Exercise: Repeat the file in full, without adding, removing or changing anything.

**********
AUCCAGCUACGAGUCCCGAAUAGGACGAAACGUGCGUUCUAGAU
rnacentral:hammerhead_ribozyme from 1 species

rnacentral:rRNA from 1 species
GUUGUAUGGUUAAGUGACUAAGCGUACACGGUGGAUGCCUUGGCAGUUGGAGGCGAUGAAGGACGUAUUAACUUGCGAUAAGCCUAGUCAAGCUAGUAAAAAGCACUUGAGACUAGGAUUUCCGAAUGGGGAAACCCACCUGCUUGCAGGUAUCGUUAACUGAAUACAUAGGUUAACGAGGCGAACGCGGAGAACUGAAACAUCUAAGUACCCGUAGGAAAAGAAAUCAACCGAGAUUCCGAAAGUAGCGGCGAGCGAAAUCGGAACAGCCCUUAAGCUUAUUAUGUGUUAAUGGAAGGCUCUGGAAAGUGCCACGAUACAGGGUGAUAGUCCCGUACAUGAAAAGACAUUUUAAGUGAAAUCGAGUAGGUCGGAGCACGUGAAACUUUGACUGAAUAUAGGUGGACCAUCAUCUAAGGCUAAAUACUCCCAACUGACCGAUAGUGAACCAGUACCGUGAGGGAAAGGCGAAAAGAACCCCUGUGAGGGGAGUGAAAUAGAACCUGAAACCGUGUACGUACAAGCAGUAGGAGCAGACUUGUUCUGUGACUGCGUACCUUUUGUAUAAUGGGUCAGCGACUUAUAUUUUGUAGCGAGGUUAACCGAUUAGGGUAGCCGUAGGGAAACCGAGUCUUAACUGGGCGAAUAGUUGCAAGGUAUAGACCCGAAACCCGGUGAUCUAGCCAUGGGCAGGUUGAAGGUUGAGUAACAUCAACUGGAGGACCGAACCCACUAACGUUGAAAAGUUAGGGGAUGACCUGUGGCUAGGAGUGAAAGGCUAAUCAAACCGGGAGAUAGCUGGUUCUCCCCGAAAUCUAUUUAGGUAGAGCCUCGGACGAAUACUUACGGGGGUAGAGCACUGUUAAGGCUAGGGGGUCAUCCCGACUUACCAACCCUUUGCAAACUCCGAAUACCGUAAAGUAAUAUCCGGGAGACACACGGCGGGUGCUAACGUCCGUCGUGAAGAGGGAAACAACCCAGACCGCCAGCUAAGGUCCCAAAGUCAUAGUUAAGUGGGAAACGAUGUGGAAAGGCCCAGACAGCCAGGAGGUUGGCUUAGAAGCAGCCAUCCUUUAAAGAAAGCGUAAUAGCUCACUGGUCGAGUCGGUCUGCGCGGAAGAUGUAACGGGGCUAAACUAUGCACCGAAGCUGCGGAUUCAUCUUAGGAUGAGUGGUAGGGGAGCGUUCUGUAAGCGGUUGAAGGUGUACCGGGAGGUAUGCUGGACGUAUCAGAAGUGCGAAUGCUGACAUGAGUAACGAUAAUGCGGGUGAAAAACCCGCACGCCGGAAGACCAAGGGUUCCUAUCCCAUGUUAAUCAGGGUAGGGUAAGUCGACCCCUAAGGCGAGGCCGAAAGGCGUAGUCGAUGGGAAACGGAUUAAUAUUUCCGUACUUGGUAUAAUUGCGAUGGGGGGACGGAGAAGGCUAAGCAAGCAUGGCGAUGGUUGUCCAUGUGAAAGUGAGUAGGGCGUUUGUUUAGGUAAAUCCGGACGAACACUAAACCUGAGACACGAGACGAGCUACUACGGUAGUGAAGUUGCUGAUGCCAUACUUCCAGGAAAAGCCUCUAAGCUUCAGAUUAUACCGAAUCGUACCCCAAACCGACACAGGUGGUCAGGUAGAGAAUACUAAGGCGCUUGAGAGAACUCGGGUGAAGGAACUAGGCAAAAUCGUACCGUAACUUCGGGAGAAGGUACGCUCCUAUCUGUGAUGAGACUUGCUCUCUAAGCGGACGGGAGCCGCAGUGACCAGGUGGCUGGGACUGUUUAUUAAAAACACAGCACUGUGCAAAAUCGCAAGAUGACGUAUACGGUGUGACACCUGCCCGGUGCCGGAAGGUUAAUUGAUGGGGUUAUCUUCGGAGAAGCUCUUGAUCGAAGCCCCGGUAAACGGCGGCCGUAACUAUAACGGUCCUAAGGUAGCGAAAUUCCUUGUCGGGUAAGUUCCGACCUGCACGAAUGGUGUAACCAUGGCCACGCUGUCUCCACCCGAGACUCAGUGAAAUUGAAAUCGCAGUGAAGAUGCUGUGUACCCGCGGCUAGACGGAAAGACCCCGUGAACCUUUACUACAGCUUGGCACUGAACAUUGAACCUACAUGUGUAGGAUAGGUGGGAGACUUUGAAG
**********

AUCCAGCUACGAGUCCCGAAUAGGACGAAACGUGCGUUCUAGAU
rnacentral:hammerhead_ribozyme from 1 species

rnacentral:rRNA from 1 species
GUUGUAUGGUUAAGUGACUAAGCGUACACGGUGGAUGCCUUGGCAGUUGGAGGCGAUGAAGGACGUAUUAACUUGCGAUAAGCCUAGUCAAGCUAGUAAAAAGCACUUGAGACUAGGAUUUCCGAAUGGGGAAACCCACCUGCUUGCAGGUAUCGUUAACUGAAUACAUAGGUUAACGAGGCGAACGCGGAGAACUGAAACAUCUAAGUACCCGUAGGAAAAGAAAUCAACCGAGAUUCCGAAAGUAGCGGCGAGCGAAAUCGGAACAGCCCUUAAGCUUAUUAUGUGUUAAUGGAAGGCUCUGGAAAGUGCCACGAUACAGGGUGAUAGUCCCGUACAUGAAAAGACAUUUUAAGUGAAAUCGAGUAGGUCGGAGCACGUGAAACUUUGACUGAAUAUAGGUGGACCAUCAUCUAAGGCUAAAUACUCCCAACUGACCGAUAGUGAACCAGUACCGUGAGGGAAAGGCGAAAAGAACCCCUGUGAGGGGAGUGAAAUAGAACCUGAAACCGUGUACGUACAAGCAGUAGGAGCAGACUUGUUCUGUGACUGCGUACCUUUUGUAUAAUGGGUCAGCGACUUAUAUUUUGUAGCGAGGUUAACCGAUUAGGGUAGCCGUAGGGAAACCGAGUCUUAACUGGGCGAAUAGUUGCAAGGUAUAGACCCGAAACCCGGUGAUCUAGCCAUGGGCAGGUUGAAGGUUGAGUAACAUCAACUGGAGGACCGAACCCACUAACGUUGAAAAGUUAGGGGAUGACCUGUGGCUAGGAGUGAAAGGCUAAUCAAACCGGGAGAUAGCUGGUUCUCCCCGAAAUCUAUUUAGGUAGAGCCUCGGACGAAUACUUACGGGGGUAGAGCACUGUUAAGGCUAGGGGGUCAUCCCGACUUACCAACCCUUUGCAAACUCCGAAUACCGUAAAGUAAUAUCCGGGAGACACACGGCGGGUGCUAACGUCCGUCGUGAAGAGGGAAACAACCCAGACCGCCAGCUAAGGUCCCAAAGUCAUAGUUAAGUGGGAAACGAUGUGGAAAGGCCCAGACAGCCAGGAGGUUGGCUUAGAAGCAGCCAUCCUUUAAAGAAAGCGUAAUAGCUCACUGGUCGAGUCGGUCUGCGCGGAAGAUGUAACGGGGCUAAACUAUGCACCGAAGCUGCGGAUUCAUCUUAGGAUGAGUGGUAGGGGAGCGUUCUGUAAGCGGUUGAAGGUGUACCGGGAGGUAUGCUGGACGUAUCAGAAGUGCGAAUGCUGACAUGAGUAACGAUAAUGCGGGUGAAAAACCCGCACGCCGGAAGACCAAGGGUUCCUAUCCCAUGUUAAUCAGGGUAGGGUAAGUCGACCCCUAAGGCGAGGCCGAAAGGCGUAGUCGAUGGGAAACGGAUUAAUAUUUCCGUACUUGGUAUAAUUGCGAUGGGGGGACGGAGAAGGCUAAGCAAGCAUGGCGAUGGUUGUCCAUGUGAAAGUGAGUAGGGCGUUUGUUUAGGUAAAUCCGGACGAACACUAAACCUGAGACACGAGACGAGCUACUACGGUAGUGAAGUUGCUGAUGCCAUACUUCCAGGAAAAGCCUCUAAGCUUCAGAUUAUACCGAAUCGUACCCCAAACCGACACAGGUGGUCAGGUAGAGAAUACUAAGGCGCUUGAGAGAACUCGGGUGAAGGAACUAGGCAAAAUCGUACCGUAACUUCGGGAGAAGGUACGCUCCUAUCUGUGAUGAGACUUGCUCUCUAAGCGGACGGGAGCCGCAGUGACCAGGUGGCUGGGACUGUUUAUUAAAAACACAGCACUGUGCAAAAUCGCAAGAUGACGUAUACGGUGUGACACCUGCCCGGUGCCGGAAGGUUAAUUGAUGGGGUUAUCUUCGGAGAAGCUCUUGAUCGAAGCCCCGGUAAACGGCGGCCGUAACUAUAACGGUCCUAAGGUAGCGAAAUUCCUUGUCGGGUAAGUUCCGACCUGCACGAAUGGUGUAACCAUGGCCACGCUGUCUCCACCCGAGACUCAGUGAAAUUGAAAUCGCAGUGAAGAUGCUGUGUACCCGCGGCUAGACGGAAAGACCCCGUGAACCUUUACUACAGCUUGGCACUGAACAUUGAACCUACAUGUGUAGGAUAGGUGGGAGACUUUGAAG